Premium Chessgames Member
  Phony Benoni: Ah, yes. Nothing like a nice relaxing game of chess.
Premium Chessgames Member
  scutigera: <Petrocephalon>: I'm pretty sure you meant "[Fred] Reinfeld", but thanks for the lovely anagram I never noticed before. For one thing, it's strong evidence that Irving Chernev was Dracula.
Premium Chessgames Member
  keypusher: Sort of like Pillsbury vs Tarrasch, 1895, but with a happier ending for the defending side.
Oct-31-21  paul1959: 48 Qh3 doesn’t look much until you see Qh8 followed by Nh6. Black is indeed in danger. 48 ... Qc7 looks like the best since White has to find Ra1. <offramp> suggested 48...fxg5 49 Nfxe5 Bc7 is interesting but apparently fails to 50 Rc1. Black has to part with the rook pair on the 7th since 50 .... Re2 is met by 51 Qh5 Qxe5 52 Nxe5 Bxe5 53 Rc8 mating with checks. With only one rook Black has no more defenses.
Premium Chessgames Member
  offramp: After 48.Qh3

click for larger view

49. Nfxe5 Bf6
50. Nc4 Rxc4=.

Premium Chessgames Member
  Chessical: "Game IV. of the match may be described as a veritable battle of giants, particularly remarkable in its ending.

The game may be compared to a symphony with one theme. On the 10th move, Tarrasch began to advance his pawns on be Queen’s side, and on the 62nd move, when his opponent resigned, he had consummated his purpose by bringing his <a> pawn and <d> pawn to the seventh".

Isidor Gunsberg in "St James's Gazette" of Friday 27th October, 1893.

Feb-14-23  generror: A breathtaking and epic struggle. Chigorin tries to storm the king's castle, but Tarrasch just doesn't quite let him, and even though he several times seems to be on the brink of disaster, his counterattack on the queenside finally decides the game. This really is what chess is all about, all in one game.

Tarrasch has criticized Chigorin's initial plan of attack (i.e., getting his pieces out and try to create some chaos) and the game agrees with him: while Chigorin does manage to put a lot of pressure on the kingside, Tarrasch fends off the attack even though frequently playing inaccurate moves.

For example, the lauded <25...Kf8?> may already have been losing if Chigorin had played <27.Nxf6!>. Now if Black retakes with the queen, the main line ends up with White two pawns up, including a lovely strong passed one on f6, while the horrible-looking <27...gxh6!?> also leads to two pawns for White, but Black having significant counterplay, amazingly via two rooks on the h-file. <29.Nxf6> also seems to have been winning, after <29.Raf1?? Ng8!>, the king is suddenly totally safe and the game completely drawn.

Chigorin now belatedly gets the right idea of taking his pieces back from the kingside and letting has pawns advance, but this takes time, and Tarrasch uses it for an elaborate bishop manoeuvre (Bb7-e8-f7-b3) which eventually gives him complete control over the queenside, a passed pawn, and finally, doubled rooks on the 7th rank, all the while Chigorin is still struggling to play <g5>.

But even after he finally manages, the position is equal and, as it is extremely imbalanced, every player has to be very careful. Tarrasch's <47...Qg6??> for example would have been losing if Chigorin had found <49.Ra1!!>. Fine and apparently Kotov have said that <48.Qh3??> would have won, but actually, it would have blundered the win. Fine starts his justification with the absurd <48...Qc7??>, which of course loses; but after <48...fxg5! 49.fxe5 Bf6 50.Nc4! Rxc4!!>, White's advantage turns out to be very mild, and if he goes <49.f6 Bxf6! 50.Qh8 Qe6!>, the game is completely equal.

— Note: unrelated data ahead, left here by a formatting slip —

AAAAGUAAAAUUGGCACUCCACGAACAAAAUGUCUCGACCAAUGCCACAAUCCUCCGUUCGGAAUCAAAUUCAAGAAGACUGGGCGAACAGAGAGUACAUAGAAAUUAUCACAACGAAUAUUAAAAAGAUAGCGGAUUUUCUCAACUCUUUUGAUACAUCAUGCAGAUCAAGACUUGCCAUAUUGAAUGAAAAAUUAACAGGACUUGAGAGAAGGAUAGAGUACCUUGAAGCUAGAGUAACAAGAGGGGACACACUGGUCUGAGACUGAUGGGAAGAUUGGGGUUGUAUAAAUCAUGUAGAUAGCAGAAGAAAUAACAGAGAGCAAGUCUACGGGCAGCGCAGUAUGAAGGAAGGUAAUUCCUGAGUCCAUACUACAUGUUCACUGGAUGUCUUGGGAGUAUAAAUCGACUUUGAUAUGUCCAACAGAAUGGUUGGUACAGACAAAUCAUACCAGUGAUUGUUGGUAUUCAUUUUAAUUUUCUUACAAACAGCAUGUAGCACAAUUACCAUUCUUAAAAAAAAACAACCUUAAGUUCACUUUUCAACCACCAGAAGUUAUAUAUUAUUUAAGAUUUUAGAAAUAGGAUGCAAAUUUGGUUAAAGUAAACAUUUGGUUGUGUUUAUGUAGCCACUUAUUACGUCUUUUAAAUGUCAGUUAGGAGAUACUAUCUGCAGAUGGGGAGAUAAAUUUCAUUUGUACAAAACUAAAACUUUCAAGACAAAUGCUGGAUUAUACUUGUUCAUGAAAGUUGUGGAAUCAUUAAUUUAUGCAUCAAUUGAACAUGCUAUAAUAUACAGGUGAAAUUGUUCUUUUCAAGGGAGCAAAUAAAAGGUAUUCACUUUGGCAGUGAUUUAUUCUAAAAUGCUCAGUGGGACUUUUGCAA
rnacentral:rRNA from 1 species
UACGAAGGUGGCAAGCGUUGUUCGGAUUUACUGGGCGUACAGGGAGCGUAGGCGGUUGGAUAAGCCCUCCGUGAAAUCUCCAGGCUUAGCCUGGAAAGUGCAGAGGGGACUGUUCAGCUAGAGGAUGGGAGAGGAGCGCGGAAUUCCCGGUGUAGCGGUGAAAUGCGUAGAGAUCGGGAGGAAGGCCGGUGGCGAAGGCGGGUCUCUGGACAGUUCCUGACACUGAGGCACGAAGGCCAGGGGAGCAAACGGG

Sorry for not giving you the full variations, but I find these tedious to both read and write (and, yes, "long analysis, wrong analysis") and, in any way, it's always better to analyze yourself, to which I can only invite you very cordially -- it's absolutely mind-blowing. Of course, no human would ever find this stuff over the board, this is pure theory, but it's also God-level chess and just as beautiful and unearthly as Allegri's "Miserere" :D

Back to the game, even after <51...a2!!> Chigorin could have still gotten perpetual checks with <52.Ng5!>. But after <52.Rxf6 gxf6>, Black's king is completely safe -- it's funny how that knight g8, like after the 29th move, single-handedly fends off the entire white army. (Maybe that will be the beginning of me revolutionizing opening theory by not every moving the king's knight at all XD) Although of course in this case, the doubled rooks on the 7th rank create a constant and subtle but significant pressure.

So now Chigorin *finally* that maybe he should now concentrate on his defense, but once again it's much too late, plus Tarrasch is now in full swing and plays the remaining game with perfect accuracy, so that the this epic chess drama finally ends after a few more moves.

It's really admirable how patiently and methodically Tarrasch follows his plan, and how Chigorin's somewhat ungrounded attack (not as bad as a McDonnell, but still belonging to the same type of chess) just doesn't manage to break through. Tarrasch is constantly called dogmatic, and he may well have been; but this fixation on attack of those romantic players is, in a way, even more dogmatic.

Whatever, this is definitively a wonderful chess drama and, as all great games, very instructive in many respects. Grab some engine and check it out yourself!